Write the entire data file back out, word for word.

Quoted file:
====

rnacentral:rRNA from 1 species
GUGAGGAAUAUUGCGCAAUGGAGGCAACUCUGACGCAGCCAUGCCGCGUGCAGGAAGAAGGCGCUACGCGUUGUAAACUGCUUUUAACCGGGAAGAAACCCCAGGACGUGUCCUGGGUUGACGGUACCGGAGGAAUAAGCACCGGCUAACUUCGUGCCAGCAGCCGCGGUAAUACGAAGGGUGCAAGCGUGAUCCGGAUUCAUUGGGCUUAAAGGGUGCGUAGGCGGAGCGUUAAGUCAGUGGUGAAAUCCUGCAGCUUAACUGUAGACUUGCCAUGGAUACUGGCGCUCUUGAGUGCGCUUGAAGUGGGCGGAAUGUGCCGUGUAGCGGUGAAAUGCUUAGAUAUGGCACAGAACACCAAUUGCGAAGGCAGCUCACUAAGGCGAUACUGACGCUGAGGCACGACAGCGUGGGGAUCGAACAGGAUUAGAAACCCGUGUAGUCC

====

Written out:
rnacentral:rRNA from 1 species
GUGAGGAAUAUUGCGCAAUGGAGGCAACUCUGACGCAGCCAUGCCGCGUGCAGGAAGAAGGCGCUACGCGUUGUAAACUGCUUUUAACCGGGAAGAAACCCCAGGACGUGUCCUGGGUUGACGGUACCGGAGGAAUAAGCACCGGCUAACUUCGUGCCAGCAGCCGCGGUAAUACGAAGGGUGCAAGCGUGAUCCGGAUUCAUUGGGCUUAAAGGGUGCGUAGGCGGAGCGUUAAGUCAGUGGUGAAAUCCUGCAGCUUAACUGUAGACUUGCCAUGGAUACUGGCGCUCUUGAGUGCGCUUGAAGUGGGCGGAAUGUGCCGUGUAGCGGUGAAAUGCUUAGAUAUGGCACAGAACACCAAUUGCGAAGGCAGCUCACUAAGGCGAUACUGACGCUGAGGCACGACAGCGUGGGGAUCGAACAGGAUUAGAAACCCGUGUAGUCC